Alice mentioned something about it taking place in Seattle and hey, I like Seattle. Plus I realized the whole I-don't-actually-know-anything-about-this-book bit and thought I'd look into it. And did you know the book is amazing? Because it is.
Where'd You Go, Bernadette? is an epistolary novel for the most part. There are sections of straight narrative but for the most part the story unfolds through a series of emails and letters and magazine articles and invoices for a guy that does blackberry abatement. Sometimes I like this style. Other times I wonder why the person writing the letter would spell out a bunch of stuff that the recipient OBVIOUSLY knows and would never actually put in a letter. This falls into the successful bucket because Maria Semple knows what she's doing. Plus I love that we get to see the story, or at least specific events, unfold from lots of different perspectives. Not just what do different characters see, but also how are they telling their audience? A private email between two people is much different than a blast email going to all of the parents of Galer Street School. And Semple manages to make the characters sound different. I wouldn't mistake an email from Bernadette for a note from Ollie-O or a memo from Soo-Lin.
So, the plot. Bernadette is mother to Bee, wife to Elgie, and that-crazy-lady to most of Seattle. She hates people and spends most of her time in the house, or better yet, in an airstream in the yard. She'd much rather have her virtual assistant*, Manjula located in India, do all of the basic day-to-day stuff. Since Bernadette and Elgie promised Bee she'd get whatever she wanted for her 8th grade graduation if she got straight A's (or straight S's for Surpasses Excellence because Galer St doesn't do traditional grades. I guess it's better than a crocodile for spelling.) she could have whatever she wanted. And she wants a trip to Antarctica. Bernadette may be dreading the trip with every inch of herself but she promised this to Bee, and Bernadette is nothing if not a devoted parent.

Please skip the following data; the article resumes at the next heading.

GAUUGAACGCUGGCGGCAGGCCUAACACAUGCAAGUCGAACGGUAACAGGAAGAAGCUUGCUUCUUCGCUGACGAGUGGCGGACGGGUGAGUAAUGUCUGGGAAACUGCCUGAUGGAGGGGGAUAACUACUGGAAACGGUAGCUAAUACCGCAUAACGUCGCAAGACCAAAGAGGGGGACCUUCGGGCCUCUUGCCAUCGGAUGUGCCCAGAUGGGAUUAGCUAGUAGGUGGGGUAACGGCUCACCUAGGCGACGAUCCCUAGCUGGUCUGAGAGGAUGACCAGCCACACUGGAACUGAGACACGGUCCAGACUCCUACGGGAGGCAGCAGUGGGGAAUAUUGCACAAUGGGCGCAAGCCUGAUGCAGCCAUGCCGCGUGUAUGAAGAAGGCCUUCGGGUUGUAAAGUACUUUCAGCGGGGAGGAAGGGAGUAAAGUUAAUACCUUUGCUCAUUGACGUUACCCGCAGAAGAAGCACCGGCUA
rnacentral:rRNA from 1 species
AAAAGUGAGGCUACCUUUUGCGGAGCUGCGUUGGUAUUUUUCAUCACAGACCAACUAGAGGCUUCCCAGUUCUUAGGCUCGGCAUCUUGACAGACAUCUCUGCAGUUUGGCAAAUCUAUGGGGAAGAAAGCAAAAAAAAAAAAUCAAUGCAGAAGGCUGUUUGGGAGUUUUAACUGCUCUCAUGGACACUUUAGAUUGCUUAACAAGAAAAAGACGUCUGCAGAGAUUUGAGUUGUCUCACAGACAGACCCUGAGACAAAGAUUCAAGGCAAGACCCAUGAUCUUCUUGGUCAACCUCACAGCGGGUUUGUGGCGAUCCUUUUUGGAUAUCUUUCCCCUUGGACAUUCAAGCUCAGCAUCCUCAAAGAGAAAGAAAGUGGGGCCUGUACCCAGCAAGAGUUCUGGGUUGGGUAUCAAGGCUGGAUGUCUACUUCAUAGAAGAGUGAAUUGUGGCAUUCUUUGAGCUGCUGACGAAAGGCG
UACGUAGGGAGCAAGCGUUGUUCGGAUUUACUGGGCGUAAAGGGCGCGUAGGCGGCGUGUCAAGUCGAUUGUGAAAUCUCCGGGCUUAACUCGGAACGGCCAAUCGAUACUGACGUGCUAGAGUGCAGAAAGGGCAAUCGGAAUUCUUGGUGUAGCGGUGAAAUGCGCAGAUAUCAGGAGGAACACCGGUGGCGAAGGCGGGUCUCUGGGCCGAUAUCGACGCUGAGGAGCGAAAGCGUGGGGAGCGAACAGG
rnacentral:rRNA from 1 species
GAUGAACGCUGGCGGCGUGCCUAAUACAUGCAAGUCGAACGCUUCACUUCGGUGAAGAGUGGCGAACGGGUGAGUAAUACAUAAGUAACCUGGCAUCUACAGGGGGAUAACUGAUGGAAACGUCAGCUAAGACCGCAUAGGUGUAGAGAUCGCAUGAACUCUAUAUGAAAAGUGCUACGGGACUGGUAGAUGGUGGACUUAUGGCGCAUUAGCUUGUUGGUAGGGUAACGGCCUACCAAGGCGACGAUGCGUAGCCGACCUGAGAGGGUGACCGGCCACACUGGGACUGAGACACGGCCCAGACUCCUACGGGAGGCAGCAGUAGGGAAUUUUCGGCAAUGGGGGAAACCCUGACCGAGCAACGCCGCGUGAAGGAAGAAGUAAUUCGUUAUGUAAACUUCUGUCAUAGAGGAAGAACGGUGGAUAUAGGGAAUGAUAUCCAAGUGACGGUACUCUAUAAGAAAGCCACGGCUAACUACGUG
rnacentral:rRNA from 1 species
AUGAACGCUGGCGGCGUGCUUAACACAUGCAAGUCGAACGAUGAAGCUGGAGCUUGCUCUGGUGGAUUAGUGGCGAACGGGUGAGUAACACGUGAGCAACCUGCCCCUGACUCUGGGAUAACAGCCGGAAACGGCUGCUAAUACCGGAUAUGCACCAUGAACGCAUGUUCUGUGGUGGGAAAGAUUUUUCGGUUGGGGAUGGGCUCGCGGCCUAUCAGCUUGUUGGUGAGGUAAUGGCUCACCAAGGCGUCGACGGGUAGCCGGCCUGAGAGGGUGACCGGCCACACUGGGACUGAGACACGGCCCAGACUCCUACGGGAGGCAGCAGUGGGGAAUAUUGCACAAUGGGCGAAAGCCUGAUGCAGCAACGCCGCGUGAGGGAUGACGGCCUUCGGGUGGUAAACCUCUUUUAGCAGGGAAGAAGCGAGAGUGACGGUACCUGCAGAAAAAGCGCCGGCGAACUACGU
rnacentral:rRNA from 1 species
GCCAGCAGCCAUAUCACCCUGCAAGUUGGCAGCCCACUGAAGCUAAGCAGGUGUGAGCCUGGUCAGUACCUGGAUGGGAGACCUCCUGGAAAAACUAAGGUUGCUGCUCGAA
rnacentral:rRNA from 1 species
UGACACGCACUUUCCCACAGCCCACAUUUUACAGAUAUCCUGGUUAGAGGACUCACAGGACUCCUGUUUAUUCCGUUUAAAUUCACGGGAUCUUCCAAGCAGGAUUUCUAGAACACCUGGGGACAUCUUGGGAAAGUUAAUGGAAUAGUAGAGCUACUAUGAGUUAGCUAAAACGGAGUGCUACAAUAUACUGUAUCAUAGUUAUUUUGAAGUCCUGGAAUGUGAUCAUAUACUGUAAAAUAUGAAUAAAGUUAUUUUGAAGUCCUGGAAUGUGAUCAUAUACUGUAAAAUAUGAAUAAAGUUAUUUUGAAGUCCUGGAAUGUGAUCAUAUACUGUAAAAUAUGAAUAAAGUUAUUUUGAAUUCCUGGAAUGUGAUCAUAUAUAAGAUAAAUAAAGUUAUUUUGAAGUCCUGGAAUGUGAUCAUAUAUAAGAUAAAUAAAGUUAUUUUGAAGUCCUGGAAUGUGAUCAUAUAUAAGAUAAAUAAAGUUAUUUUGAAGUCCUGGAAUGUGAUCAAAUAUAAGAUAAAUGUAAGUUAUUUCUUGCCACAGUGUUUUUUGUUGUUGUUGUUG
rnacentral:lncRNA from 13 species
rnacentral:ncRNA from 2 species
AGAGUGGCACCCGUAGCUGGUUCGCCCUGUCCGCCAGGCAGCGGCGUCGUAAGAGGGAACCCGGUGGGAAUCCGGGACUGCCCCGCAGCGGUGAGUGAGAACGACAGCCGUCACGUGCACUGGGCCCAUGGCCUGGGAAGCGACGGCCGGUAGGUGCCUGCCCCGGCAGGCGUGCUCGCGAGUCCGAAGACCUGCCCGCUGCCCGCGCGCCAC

But of course we have the title of the book so you probably realized things don't go as they were intended and Bernadette disappears. Again. I don't want to say too much. I don't want to spoil anything. I went into the book pretty much knowing it's told through letters and takes place in Seattle and that's it. I don't know if it would have made a difference to know more but I know I loved every new plot point. I don't think I could have anticipated a single one.**
Did I mention the book is funny? Because it's hilarious. I guess it helps that Semple was a writer for Mad About You and Arrested Development and, OK, the fact that she wrote for AD helped convince me that I should really pick this up. I started the book while I was at a beach house with some friends and I kept making them read a line here or there because Bernadette is the best. Even when she is railing on how much she HATES Seattle and Canadians. Her rambling emails to Manjula were some of my favorites.
I can't say enough good things about this book. As soon as I finished it I wanted to start it again. I may read it again soon. You should read it. Now. Right now. Are you reading it yet?
*These are totally a real thing. I would have laughed at the idea and assumed it was something made up because it's too ridiculous except I read about them in My Life as an Experiment by A. J. Jacobs. So yeah. It's a thing.
**I tend NOT to guess things that are going to happen in a book/movie/tv show so take this with a grain of salt.
Title quote from page 127
I had another quote I wanted to use and I went back and forth about it but it's sooorta maybe spoilery so I left it out. I'm telling you this cos about 60% of my time spent writing this post was figuring out a title quote. I really need to start writing these down as I'm reading
Semple, Maria. Where'd You Go, Bernadette? Back Bay Books, 2012